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Peace in the Pacific: Aug. 13 draft statement

August 10, 2014
By

APEC 2013 summit in IndonesiaOn August 13, Secretary Kerry will travel from Honiara, Solomon Islands where he will meet government leaders and attend wreath laying ceremonies at the Guadalcanal American Memorial and Solomon Scouts and Coastwatchers Memorial. Later that day, he will depart for Honolulu, Hawaii to give remarks at the East-West Center.

How might Moana Nui engage Secretary Kerry?

Moana Nui draft statement for Peace in the Pacific

Until the deepening and accelerating conflicts between empires conclude, our Moana Nui should remain focused as a region of peace and neutrality. Our Oceania has never been able to assert our higher, moral strength during global conflicts, and the ambitions of peace and neutrality should be greater than the ambitions of regional economic partnerships or military integrations.

There are a lot of campaigns to focus on at the moment: the US support of Israel’s invasion of Gaza and the continued occupation of Palestine; the US support for the right-wing coup in Ukraine; the bombing and further militarization in Arbil, Iraq; and the ongoing militarization in the Pacific and Asia, including the conclusion of the 22-nation Rimpac exercise.

As difficult as it is to look past the personal traumas of these individual campaigns, we should ask why the U.S. is currently engaged in these destabilizing tensions. This article seeks to draw your attention to the financial and trade corner that the US–like a wily rat– is desperately trapped in, and outline the ambitions of US regional strategic economic partnerships.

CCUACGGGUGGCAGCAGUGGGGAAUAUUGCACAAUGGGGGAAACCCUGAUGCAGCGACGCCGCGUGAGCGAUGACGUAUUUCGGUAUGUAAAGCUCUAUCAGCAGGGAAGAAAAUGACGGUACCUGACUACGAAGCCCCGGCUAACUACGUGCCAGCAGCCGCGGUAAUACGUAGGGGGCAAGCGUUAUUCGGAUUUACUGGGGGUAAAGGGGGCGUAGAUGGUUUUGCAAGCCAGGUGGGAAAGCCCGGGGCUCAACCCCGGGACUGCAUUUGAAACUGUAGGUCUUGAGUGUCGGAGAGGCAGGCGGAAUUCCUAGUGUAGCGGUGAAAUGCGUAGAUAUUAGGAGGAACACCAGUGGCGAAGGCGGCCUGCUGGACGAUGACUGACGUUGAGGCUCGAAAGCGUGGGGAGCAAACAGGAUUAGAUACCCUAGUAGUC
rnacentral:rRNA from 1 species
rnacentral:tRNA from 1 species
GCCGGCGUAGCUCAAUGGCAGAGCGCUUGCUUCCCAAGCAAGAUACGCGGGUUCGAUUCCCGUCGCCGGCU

According to former World Bank Chief Economist, Joseph Stiglitz, “I think it’s difficult for the United States to accept the notion it’s no longer the largest country. It’s no longer the largest country in trade, in savings, in other areas, but this will be the second-largest country in the world,” while BRICS has the ability to “create a fund that can bring in not only countries, but Sovereign wealth funds, to use not just debt but equity.”

As impossible as it may seem to anyone who has taken economics at a U.S. college since the 1980s, the neoliberal, free-market system is dying.  Wall St. investors cannot see that this system is dying because mostly, they have never known the fundamentals of how this system operated in the first place.

Blaming toxic loans for the economic crisis in 2008 may have been a salve to most, but what has not been given proper attention is the recent rise of BRICS, the economic partnership between Brazil, Russia, India, China and South Africa, and the international support it has received in the five-years since the 2008 Wall St. debacle.